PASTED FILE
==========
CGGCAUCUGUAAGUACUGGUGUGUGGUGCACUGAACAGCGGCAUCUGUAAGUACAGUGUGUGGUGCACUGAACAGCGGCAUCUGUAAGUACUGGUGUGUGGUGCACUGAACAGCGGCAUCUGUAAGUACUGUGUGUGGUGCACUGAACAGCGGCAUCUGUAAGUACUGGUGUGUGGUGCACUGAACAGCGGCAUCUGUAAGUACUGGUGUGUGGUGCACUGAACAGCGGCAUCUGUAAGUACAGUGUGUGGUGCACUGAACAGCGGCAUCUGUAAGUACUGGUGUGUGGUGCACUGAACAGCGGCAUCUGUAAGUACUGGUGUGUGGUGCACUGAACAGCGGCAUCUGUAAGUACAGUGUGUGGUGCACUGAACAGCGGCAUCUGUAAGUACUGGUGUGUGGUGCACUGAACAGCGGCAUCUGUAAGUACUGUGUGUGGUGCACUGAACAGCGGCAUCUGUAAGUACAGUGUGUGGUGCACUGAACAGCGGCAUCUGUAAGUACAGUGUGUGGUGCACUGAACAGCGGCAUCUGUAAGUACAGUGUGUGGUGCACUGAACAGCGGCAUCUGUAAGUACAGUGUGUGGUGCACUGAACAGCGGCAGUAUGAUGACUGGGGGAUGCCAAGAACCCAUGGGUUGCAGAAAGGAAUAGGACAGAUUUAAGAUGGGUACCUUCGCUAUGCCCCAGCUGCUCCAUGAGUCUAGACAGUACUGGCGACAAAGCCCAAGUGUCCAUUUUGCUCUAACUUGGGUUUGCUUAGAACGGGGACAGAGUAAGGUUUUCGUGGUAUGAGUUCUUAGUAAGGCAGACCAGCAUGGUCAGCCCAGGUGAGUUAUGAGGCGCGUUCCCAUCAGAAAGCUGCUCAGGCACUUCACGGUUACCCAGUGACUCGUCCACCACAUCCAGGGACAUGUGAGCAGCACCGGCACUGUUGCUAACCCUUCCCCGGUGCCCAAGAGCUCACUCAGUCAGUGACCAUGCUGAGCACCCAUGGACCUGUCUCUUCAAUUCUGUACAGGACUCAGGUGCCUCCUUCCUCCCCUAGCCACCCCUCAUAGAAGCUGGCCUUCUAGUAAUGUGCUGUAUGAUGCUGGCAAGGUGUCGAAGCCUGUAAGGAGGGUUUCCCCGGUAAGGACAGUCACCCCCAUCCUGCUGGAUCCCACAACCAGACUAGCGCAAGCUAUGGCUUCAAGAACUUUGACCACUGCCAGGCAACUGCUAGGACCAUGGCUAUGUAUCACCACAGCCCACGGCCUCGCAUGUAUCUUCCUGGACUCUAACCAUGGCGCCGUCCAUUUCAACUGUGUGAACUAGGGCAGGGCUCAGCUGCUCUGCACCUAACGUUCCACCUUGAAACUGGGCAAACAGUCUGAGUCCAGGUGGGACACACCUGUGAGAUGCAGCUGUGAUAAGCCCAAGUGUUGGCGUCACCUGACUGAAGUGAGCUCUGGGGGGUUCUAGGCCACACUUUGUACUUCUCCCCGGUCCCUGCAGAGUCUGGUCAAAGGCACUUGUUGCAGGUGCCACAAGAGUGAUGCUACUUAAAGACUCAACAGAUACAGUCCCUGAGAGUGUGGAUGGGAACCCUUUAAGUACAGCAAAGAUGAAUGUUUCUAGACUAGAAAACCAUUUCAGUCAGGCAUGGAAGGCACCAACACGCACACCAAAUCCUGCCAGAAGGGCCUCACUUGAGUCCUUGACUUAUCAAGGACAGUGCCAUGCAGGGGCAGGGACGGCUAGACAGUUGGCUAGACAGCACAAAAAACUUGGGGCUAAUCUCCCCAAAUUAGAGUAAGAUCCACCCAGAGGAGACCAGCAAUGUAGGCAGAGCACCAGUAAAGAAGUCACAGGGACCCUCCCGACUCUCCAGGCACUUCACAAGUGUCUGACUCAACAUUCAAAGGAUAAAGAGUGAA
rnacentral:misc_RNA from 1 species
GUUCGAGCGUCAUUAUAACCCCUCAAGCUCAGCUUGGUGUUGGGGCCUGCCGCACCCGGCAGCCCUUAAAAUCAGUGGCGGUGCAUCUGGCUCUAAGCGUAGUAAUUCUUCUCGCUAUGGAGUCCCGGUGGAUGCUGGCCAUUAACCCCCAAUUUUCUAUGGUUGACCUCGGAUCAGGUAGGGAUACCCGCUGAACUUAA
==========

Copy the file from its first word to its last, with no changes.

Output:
CGGCAUCUGUAAGUACUGGUGUGUGGUGCACUGAACAGCGGCAUCUGUAAGUACAGUGUGUGGUGCACUGAACAGCGGCAUCUGUAAGUACUGGUGUGUGGUGCACUGAACAGCGGCAUCUGUAAGUACUGUGUGUGGUGCACUGAACAGCGGCAUCUGUAAGUACUGGUGUGUGGUGCACUGAACAGCGGCAUCUGUAAGUACUGGUGUGUGGUGCACUGAACAGCGGCAUCUGUAAGUACAGUGUGUGGUGCACUGAACAGCGGCAUCUGUAAGUACUGGUGUGUGGUGCACUGAACAGCGGCAUCUGUAAGUACUGGUGUGUGGUGCACUGAACAGCGGCAUCUGUAAGUACAGUGUGUGGUGCACUGAACAGCGGCAUCUGUAAGUACUGGUGUGUGGUGCACUGAACAGCGGCAUCUGUAAGUACUGUGUGUGGUGCACUGAACAGCGGCAUCUGUAAGUACAGUGUGUGGUGCACUGAACAGCGGCAUCUGUAAGUACAGUGUGUGGUGCACUGAACAGCGGCAUCUGUAAGUACAGUGUGUGGUGCACUGAACAGCGGCAUCUGUAAGUACAGUGUGUGGUGCACUGAACAGCGGCAGUAUGAUGACUGGGGGAUGCCAAGAACCCAUGGGUUGCAGAAAGGAAUAGGACAGAUUUAAGAUGGGUACCUUCGCUAUGCCCCAGCUGCUCCAUGAGUCUAGACAGUACUGGCGACAAAGCCCAAGUGUCCAUUUUGCUCUAACUUGGGUUUGCUUAGAACGGGGACAGAGUAAGGUUUUCGUGGUAUGAGUUCUUAGUAAGGCAGACCAGCAUGGUCAGCCCAGGUGAGUUAUGAGGCGCGUUCCCAUCAGAAAGCUGCUCAGGCACUUCACGGUUACCCAGUGACUCGUCCACCACAUCCAGGGACAUGUGAGCAGCACCGGCACUGUUGCUAACCCUUCCCCGGUGCCCAAGAGCUCACUCAGUCAGUGACCAUGCUGAGCACCCAUGGACCUGUCUCUUCAAUUCUGUACAGGACUCAGGUGCCUCCUUCCUCCCCUAGCCACCCCUCAUAGAAGCUGGCCUUCUAGUAAUGUGCUGUAUGAUGCUGGCAAGGUGUCGAAGCCUGUAAGGAGGGUUUCCCCGGUAAGGACAGUCACCCCCAUCCUGCUGGAUCCCACAACCAGACUAGCGCAAGCUAUGGCUUCAAGAACUUUGACCACUGCCAGGCAACUGCUAGGACCAUGGCUAUGUAUCACCACAGCCCACGGCCUCGCAUGUAUCUUCCUGGACUCUAACCAUGGCGCCGUCCAUUUCAACUGUGUGAACUAGGGCAGGGCUCAGCUGCUCUGCACCUAACGUUCCACCUUGAAACUGGGCAAACAGUCUGAGUCCAGGUGGGACACACCUGUGAGAUGCAGCUGUGAUAAGCCCAAGUGUUGGCGUCACCUGACUGAAGUGAGCUCUGGGGGGUUCUAGGCCACACUUUGUACUUCUCCCCGGUCCCUGCAGAGUCUGGUCAAAGGCACUUGUUGCAGGUGCCACAAGAGUGAUGCUACUUAAAGACUCAACAGAUACAGUCCCUGAGAGUGUGGAUGGGAACCCUUUAAGUACAGCAAAGAUGAAUGUUUCUAGACUAGAAAACCAUUUCAGUCAGGCAUGGAAGGCACCAACACGCACACCAAAUCCUGCCAGAAGGGCCUCACUUGAGUCCUUGACUUAUCAAGGACAGUGCCAUGCAGGGGCAGGGACGGCUAGACAGUUGGCUAGACAGCACAAAAAACUUGGGGCUAAUCUCCCCAAAUUAGAGUAAGAUCCACCCAGAGGAGACCAGCAAUGUAGGCAGAGCACCAGUAAAGAAGUCACAGGGACCCUCCCGACUCUCCAGGCACUUCACAAGUGUCUGACUCAACAUUCAAAGGAUAAAGAGUGAA
rnacentral:misc_RNA from 1 species
GUUCGAGCGUCAUUAUAACCCCUCAAGCUCAGCUUGGUGUUGGGGCCUGCCGCACCCGGCAGCCCUUAAAAUCAGUGGCGGUGCAUCUGGCUCUAAGCGUAGUAAUUCUUCUCGCUAUGGAGUCCCGGUGGAUGCUGGCCAUUAACCCCCAAUUUUCUAUGGUUGACCUCGGAUCAGGUAGGGAUACCCGCUGAACUUAA